The Custom Settings Menu relates mostly to things you do with the light that enters your lens, physical camera controls and choices that you make in preparation for the photograph (i.e. before the shutter opens) such as : - method of acquiring focus for different types of subjects - exposure and metering - timers - release mode, mirror delays etc. - flash
Shooting Menu consists largely of choices relating to the processing of image data captured by the sensor during and after exposure, such as : - colour profiles (picture profiles) - ISO sensitivity - Noise reduction - D lighting - White balance - Distortion control and Vignetting - File naming, image quality
Consequently I am experimenting now with banks set up as described below : Custom Setting Menu : A = General Purpose Handheld B = Landscapes C = Wildlife / Action D = Macro
Shooting Menu : A = Normal, Good Light (limited Auto ISO range to maximise IQ) B = Low light, Handheld ( allows high ISO settings, forces faster shutter speed, enables D-lighting to bring out shadow detail, disables LENR) C = Low light, Tripod ( restricts ISO, allows long SS, enables LENR) D = HDR (Just for fun, HDR with Vivid picture profile, high contrast and sharpening)
These settings allow me to match prevailing lighting conditions to any of my favourite shooting genres by making just 2 menu choices before I start shooting. After that, virtually all further adjustments made during shooting are done with the physical controls (buttons and dials).
I am still fine tuning the Auto ISO settings in particular. I hate ISO noise and I also hate the hassle of applying NR in PP - so rather avoid getting noise in the first place.
#10. "RE: Custom Settings and Shooting Menu Banks (D800)" In response to Reply # 0 Wed 12-Dec-12 04:35 AM by jamesvoortman
Two further comments :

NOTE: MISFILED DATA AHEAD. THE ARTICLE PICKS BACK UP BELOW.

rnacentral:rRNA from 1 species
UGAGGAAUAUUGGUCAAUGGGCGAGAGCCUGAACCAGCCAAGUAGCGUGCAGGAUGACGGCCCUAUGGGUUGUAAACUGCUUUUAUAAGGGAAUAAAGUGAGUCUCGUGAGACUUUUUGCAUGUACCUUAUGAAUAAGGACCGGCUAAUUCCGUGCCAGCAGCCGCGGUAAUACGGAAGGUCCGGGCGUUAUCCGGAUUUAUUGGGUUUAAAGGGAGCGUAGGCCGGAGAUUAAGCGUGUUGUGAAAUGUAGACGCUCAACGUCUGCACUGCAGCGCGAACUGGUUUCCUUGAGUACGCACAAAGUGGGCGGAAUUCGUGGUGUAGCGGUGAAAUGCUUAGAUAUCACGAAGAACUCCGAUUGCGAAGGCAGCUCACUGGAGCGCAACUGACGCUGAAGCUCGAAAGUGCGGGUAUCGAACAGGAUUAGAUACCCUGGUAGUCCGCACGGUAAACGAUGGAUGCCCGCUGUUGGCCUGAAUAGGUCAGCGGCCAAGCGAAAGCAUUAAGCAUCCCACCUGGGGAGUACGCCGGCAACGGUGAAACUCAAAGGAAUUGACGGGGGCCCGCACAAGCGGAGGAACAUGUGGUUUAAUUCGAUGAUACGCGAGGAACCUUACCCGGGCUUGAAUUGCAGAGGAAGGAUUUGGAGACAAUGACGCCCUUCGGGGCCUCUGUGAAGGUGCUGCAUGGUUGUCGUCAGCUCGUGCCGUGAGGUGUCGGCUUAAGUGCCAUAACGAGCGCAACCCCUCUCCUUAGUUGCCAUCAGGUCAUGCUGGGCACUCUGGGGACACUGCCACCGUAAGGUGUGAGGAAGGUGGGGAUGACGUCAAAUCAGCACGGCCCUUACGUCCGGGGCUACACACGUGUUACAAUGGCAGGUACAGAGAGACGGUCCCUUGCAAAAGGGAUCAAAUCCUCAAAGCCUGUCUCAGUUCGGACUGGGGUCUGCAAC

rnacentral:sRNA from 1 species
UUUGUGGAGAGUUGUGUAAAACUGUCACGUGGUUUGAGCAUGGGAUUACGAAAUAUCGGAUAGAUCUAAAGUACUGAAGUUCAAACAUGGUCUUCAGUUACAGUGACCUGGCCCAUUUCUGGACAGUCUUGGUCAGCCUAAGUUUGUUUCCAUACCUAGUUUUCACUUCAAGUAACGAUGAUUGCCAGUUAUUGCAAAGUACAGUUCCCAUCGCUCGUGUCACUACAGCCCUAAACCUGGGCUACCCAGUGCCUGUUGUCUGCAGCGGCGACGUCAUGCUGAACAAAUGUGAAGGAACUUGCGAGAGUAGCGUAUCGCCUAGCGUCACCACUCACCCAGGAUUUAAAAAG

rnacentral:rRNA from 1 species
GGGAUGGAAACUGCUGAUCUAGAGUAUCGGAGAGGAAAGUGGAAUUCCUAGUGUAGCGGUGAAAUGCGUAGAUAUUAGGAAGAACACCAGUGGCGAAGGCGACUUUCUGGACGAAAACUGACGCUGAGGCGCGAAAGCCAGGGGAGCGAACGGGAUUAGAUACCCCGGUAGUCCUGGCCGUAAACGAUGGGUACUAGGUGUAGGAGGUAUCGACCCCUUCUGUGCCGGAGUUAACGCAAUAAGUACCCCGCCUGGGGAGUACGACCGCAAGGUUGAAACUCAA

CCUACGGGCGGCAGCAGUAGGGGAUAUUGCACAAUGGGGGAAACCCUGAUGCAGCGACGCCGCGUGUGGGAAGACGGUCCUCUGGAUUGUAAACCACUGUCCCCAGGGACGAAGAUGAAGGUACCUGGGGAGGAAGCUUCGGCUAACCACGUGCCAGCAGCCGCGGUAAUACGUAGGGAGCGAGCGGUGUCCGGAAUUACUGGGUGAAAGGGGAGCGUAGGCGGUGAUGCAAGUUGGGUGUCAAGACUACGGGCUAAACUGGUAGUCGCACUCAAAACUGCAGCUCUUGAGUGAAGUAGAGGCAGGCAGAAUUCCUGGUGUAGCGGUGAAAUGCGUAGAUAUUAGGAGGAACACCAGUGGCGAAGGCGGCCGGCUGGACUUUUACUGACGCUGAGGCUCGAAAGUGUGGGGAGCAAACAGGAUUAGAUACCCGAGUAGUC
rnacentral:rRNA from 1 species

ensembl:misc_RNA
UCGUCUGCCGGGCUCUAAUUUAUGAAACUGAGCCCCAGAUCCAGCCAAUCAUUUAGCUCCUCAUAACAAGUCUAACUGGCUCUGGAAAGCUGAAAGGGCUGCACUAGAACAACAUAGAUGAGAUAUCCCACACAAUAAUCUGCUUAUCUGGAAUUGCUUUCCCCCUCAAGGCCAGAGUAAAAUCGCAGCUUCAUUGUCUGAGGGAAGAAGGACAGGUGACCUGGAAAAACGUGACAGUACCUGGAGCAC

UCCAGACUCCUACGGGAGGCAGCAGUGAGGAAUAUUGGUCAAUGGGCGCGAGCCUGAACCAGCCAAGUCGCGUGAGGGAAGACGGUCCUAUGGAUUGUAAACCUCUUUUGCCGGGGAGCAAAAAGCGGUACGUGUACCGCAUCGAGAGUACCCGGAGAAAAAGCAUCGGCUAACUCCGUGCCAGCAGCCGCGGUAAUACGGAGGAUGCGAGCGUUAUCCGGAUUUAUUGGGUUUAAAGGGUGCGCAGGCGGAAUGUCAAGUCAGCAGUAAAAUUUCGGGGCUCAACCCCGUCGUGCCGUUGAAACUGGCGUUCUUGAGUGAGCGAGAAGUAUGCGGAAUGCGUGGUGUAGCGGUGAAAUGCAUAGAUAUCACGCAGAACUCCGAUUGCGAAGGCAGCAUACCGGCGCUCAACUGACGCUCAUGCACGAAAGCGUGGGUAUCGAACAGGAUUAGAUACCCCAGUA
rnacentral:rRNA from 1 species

1) The really important settings are the ones that cannot be changed in post processing. I only shoot RAW and I post-process using Capture NX2 so things like picture profile, WB and ADL can be changed after the fact, you dont have to gett hem right in the bank setup. LENR, HINR and ISO settings must be selected before pressing the button. If you post-process in Lightroom or Photoshop, be aware that the raw file converter (ACR or others) may not interpret special Nikon features like picture profiles, ADL or custom WB settings, and it may not allow you to change them afterwards so these settings would then also become important in your bank setup. Also, if you shoot jpeg, then WB, ADL etc cannot be changed afterwards and more attention to these settings is required during shooting.
2) Debatable but I find that I want the picture profile settings in custom settings menu and the flash options in Shooting Menu. This way the CSM group could be aligned more closely to subject types and the Shooting menu more closely to lighting/shooting conditions.
#11. "RE: Custom Settings and Shooting Menu Banks (D800)" In response to Reply # 7
Consequently I am experimenting now with banks set up as >described below : >Custom Setting Menu : >A = General Purpose Handheld >B = Landscapes >C = Wildlife / Action >D = Macro > >Shooting Menu : >A = Normal, Good Light (limited Auto ISO range to maximise >IQ) >B = Low light, Handheld ( allows high ISO settings, forces >faster shutter speed, enables D-lighting to bring out shadow >detail, disables LENR) >C = Low light, Tripod ( restricts ISO, allows long SS, enables >LENR) >D = HDR (Just for fun, HDR with Vivid picture profile, high >contrast and sharpening)
Thanks for this post. I wonder whether you would be prepared to post some of the details of each of the "Banks". This would help me (& probably others) a great deal. BTW what does LENR mean? Thanks. Alan